It's paramount to secure explicit consent from any individual or entity at or prior to data collection. In turn, customers need to signal they understand the purpose of collection and what will be done with their information. Being fully transparent at all times should foster trust and help avert any ethical data-mining issues.

Matthew Quick
Director, Technology Risk and Cyber Security
KPMG in Australia

There is nearly universal harmony in the sense that so many countries/territories have implemented rights-based privacy rules and regulations aimed at empowering the individual and giving them back the control they relinquish when they share their personal information. With so many different regulations, however, the regulatory landscape is becoming increasingly difficult to navigate and comply with, particularly for global businesses operating in multiple jurisdictions.

Automation is the key, especially for organizations that don't have the bandwidth and resources to manage areas such as privacy risk identification and reporting. Organizations put themselves at a disadvantage if they don’t have, for example, automated IAM processes supported by effective metadata management. In a virtualized world, without automated controls embedded across day-to-day processes — including automation of subject access requests — most organizations simply will not have enough personnel to manually oversee new servers, data stores and applications in a manner that is efficient and effective.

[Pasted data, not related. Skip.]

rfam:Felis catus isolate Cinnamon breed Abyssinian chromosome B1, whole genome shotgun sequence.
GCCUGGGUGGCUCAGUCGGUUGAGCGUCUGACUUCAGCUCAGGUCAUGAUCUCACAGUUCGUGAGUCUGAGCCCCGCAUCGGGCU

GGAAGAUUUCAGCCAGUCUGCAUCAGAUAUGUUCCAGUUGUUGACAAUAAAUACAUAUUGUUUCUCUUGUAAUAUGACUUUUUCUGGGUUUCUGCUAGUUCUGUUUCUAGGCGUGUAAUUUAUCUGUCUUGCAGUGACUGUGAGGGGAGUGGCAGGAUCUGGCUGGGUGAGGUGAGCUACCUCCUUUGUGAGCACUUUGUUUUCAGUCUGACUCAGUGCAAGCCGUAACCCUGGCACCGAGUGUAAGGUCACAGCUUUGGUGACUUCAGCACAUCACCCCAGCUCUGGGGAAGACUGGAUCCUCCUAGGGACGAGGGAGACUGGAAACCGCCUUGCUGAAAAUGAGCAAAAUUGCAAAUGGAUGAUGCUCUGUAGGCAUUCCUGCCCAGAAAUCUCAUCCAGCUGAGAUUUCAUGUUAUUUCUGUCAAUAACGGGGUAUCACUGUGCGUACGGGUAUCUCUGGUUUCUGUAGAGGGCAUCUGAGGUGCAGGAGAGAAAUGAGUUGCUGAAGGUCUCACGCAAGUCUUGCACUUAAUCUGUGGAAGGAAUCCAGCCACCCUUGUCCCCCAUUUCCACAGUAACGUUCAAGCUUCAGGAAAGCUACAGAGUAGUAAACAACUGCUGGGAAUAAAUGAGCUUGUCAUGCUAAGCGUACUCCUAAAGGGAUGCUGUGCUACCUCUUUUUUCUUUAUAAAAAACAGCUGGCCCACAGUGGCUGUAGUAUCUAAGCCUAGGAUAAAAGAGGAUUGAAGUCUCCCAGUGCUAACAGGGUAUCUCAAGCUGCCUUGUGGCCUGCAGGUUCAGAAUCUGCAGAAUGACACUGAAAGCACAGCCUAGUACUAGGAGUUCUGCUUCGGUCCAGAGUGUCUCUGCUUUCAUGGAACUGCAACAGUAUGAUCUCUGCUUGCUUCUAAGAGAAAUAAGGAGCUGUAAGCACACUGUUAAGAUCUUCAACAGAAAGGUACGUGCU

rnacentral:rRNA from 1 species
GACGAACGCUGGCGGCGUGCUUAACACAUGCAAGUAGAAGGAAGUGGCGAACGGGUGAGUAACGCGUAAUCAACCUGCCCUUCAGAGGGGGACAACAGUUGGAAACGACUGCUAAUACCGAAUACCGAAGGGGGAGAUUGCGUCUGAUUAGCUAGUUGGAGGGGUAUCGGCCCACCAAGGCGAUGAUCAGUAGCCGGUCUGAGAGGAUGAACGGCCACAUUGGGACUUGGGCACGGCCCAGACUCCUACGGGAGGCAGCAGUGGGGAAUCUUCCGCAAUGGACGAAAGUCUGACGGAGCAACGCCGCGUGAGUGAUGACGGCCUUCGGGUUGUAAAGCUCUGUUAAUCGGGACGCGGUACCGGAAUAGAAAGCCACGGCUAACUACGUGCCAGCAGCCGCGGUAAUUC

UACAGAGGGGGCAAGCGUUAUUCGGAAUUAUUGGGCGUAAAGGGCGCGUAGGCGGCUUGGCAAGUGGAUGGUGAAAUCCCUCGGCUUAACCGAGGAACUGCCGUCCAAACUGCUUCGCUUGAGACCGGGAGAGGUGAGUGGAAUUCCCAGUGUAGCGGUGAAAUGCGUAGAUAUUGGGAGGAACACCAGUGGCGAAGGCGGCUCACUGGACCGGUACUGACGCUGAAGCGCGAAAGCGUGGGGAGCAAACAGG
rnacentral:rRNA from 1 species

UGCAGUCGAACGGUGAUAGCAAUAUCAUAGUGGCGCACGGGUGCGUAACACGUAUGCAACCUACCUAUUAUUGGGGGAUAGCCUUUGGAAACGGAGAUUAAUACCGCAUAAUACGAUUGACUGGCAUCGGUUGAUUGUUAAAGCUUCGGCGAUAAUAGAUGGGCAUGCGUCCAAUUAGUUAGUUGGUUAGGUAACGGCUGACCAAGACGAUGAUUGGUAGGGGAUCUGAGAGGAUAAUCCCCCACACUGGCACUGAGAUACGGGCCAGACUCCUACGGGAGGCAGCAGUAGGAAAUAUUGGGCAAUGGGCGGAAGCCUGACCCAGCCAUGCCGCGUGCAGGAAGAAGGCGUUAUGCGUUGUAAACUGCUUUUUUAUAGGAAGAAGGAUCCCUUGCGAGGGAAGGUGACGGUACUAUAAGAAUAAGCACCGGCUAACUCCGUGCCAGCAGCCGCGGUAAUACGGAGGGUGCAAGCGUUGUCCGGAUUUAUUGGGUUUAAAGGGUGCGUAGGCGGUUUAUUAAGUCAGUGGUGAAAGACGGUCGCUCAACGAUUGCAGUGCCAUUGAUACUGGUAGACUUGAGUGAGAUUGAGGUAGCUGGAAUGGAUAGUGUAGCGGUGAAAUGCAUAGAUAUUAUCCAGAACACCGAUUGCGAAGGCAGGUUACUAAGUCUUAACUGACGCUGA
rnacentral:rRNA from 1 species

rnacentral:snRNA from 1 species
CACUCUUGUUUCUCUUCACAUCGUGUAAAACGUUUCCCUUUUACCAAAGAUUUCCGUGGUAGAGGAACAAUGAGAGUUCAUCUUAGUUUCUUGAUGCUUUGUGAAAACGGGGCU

What’s your move?

Keeping individuals’ data secure and taking data privacy seriously is more than just implementing new processes to satisfy regulatory requirements — it’s a cultural shift. Like security, organizations should adopt a privacy-first or privacy-by-design mindset. Embedding privacy and security into organizational change, culture, processes, technology and products is a good starting point and will likely help companies avoid costly retrofits and regulatory investigations, and foster trust inside and outside the organization.